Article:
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Building on a mountain side with fault lines

Building on a mountain side with fault lines

Building on a mountain side with fault lines

There is a .25 acre residential plot on the side of a mountains in Utah. There is houses all around it, but they were all built 30 years ago when the building code was not as strict. The property is on a pretty good slope. After the survey was done, it was found that the property had 3 fault lines cutting the property into about 3 equal sections. Because of this, the property was not able to be built on. The question is if you put in reinforced cement pillars on each of the outside sections deep into the ground and then connect them with steel beams, so bypassing the middle section all together, wouldn't that meet the building code?
I have attached a quick picture of what I am talking about. The blue circles would be where the cement pillars would be install. Or can you never cross any fault line when building a house? Some reason in my mind I would think the 2 outside sections would have the same stability and the middle one would be the one that would flow the other direction in the case of a earth quake. I could be completely wrong since I study Mechanical not civil. Thinking about it more, I think i am trying to apply tectonic plate movement to simple faults on a mountain side, as if the outside sections would move the same, or shift the same since they both are up against the middle section. The code probably has more to do deal with mountain soil movement and stability then anything to do with earth quake stability. If this is right, then it wouldn't matter if you connect the outside 2 sections, the only option would be to put the cement pillars in deep enough to overcome the issue of the soil movement. Again, I am a mechanical not civil so these are all guesses.



RE: Building on a mountain side with fault lines

I think I would lean to fixing to the center one and erecting outriggers of sorts to the other two allowing the movement to occur rather than trying to restrain it, which will not work with nature involved.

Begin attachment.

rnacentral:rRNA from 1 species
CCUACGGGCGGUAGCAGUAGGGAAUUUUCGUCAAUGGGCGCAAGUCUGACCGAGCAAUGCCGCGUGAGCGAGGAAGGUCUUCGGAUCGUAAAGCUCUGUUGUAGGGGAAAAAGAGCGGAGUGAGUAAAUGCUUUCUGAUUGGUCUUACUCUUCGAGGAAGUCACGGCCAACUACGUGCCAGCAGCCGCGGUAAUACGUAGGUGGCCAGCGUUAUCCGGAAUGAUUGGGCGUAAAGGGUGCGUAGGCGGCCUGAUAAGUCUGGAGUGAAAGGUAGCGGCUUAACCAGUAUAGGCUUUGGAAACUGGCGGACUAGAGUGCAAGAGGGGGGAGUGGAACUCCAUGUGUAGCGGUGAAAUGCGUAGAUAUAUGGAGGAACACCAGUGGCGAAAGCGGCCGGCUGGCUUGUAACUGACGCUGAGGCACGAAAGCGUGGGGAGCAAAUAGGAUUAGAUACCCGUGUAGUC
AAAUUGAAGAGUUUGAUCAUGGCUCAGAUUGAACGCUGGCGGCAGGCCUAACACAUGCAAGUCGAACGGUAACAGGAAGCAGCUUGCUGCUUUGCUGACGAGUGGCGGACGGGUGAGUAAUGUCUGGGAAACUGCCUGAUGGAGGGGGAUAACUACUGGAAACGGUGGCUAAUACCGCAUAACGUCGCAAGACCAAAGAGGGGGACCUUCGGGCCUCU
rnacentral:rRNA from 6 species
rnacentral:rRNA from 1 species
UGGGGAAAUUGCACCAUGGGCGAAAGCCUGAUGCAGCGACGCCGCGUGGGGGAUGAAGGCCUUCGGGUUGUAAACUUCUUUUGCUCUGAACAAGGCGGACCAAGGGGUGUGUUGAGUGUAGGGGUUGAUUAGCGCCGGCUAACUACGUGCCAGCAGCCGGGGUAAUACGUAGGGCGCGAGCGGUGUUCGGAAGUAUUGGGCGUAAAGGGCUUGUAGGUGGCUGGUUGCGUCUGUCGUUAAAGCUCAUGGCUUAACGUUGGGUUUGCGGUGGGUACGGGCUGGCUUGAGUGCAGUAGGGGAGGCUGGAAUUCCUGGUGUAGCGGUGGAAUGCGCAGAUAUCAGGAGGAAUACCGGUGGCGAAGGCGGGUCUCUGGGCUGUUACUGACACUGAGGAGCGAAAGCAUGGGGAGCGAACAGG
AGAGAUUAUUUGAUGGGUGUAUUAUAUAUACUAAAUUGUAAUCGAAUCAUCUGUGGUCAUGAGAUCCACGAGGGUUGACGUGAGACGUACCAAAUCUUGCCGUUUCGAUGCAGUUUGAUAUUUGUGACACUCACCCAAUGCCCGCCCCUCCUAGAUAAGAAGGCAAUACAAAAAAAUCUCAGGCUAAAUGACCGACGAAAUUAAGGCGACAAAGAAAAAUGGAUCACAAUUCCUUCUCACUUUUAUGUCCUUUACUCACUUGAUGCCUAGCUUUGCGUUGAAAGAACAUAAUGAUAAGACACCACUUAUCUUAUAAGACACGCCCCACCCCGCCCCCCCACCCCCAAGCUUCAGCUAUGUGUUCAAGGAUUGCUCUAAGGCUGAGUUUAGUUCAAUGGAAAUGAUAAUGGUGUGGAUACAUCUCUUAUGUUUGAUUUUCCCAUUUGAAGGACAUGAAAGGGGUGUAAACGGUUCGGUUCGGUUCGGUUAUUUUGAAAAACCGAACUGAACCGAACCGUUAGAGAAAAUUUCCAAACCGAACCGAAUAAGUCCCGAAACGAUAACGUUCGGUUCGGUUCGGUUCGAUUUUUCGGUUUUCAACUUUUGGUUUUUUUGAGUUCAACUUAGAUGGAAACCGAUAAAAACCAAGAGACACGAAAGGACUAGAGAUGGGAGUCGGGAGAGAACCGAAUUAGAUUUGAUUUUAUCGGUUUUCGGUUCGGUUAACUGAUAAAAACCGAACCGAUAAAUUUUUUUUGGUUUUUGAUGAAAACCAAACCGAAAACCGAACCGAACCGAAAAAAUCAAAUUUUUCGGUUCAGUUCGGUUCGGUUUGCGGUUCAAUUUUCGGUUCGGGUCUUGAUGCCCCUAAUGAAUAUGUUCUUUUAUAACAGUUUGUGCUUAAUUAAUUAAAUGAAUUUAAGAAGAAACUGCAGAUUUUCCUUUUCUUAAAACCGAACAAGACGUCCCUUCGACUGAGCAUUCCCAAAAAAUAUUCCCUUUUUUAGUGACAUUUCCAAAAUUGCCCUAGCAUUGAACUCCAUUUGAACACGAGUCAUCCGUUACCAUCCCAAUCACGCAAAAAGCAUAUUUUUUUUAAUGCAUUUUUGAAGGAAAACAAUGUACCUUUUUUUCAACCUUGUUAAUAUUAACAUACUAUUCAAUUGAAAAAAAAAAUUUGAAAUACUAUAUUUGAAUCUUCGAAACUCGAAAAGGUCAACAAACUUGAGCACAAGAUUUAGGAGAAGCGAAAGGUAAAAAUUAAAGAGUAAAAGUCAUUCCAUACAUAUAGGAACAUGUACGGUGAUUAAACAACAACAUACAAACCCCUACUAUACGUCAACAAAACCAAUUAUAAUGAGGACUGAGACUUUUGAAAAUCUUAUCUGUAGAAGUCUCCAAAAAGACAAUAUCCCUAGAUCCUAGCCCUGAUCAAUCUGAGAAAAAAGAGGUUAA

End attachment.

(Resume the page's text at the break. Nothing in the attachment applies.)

Mike McCann, PE, SE (WA)

RE: Building on a mountain side with fault lines

I would have to ask too, are these truly fault lines or just local fracture zones in the rock?

Mike McCann, PE, SE (WA)

RE: Building on a mountain side with fault lines

Yes I think msquared is probably on the money. The sketch actually shows only two "faults" providing the three sections alluded to. If these truly are faults then they almost certainly travel onto other lots where houses have been constructed. If zero or only minimal movement has occured over 30 years, I'd be quite comfortable at least proposing construction. Mind you if there is another fault or fracture zone in the third dimension , then yes there is definitely the potential for instability. Cries ut for a quick review by a competent geotech engineer.

RE: Building on a mountain side with fault lines

From what I heard the city denied building on it because of fault lines. I guess builing on the middle ones and like a tree foundation might work. I am sure it would be a lot safer then the building across zones. It is a local soil fault line. I am not sure the exact name, Msquared48 called it local fracture zones, but I thought fractured zones is where the 2 sections are separating creating different levels or a divide between them?

When you look at utah mountians and see the lines in them, they call them fault lines, so I am not sure why these wouldn't be called fault lines?


RE: Building on a mountain side with fault lines

Major and some minor fault lines are normally found on geologic maps, WHEN KNOWN, where documented and/or recognizable vertical and/or horizontal movement has occurred due to seismic events.

Fracture zones can be smaller faults, per se, not shown on geologic maps, but they can also be areas where the rock has fractured or weathered due to freeze thaw action. It depends on your local area.

I would really be surprised for three fault lines, where documented seismic movement has occurred, to be located on one building lot. How big is the lot?

Mike McCann, PE, SE (WA)

RE: Building on a mountain side with fault lines

As far as I know, building codes prohibit building on active faults, that is faults which displayed movement in the latest 10000 years (according to USGS). Some other agencies define a fault active if movement can be proved in the latest 40000 years. Bottom line is that there is a non negligible likelyhood of present occurrence. Fault are defined active by governement agencies or by peer-reviewed reliable scientific articles.
If those faults are active, I wonder about the wisdom of erecting a new building amongst them, no matter the countermeasures and no matter the existance of other buildings. Unless it's a depot without people living inside. Also, maybe I missed something, usually a minimum safety distance is required from active official fault lines like in California codes.
If they are not active, then the issue is just that of a mechanical dishomogeneity or fractured area.


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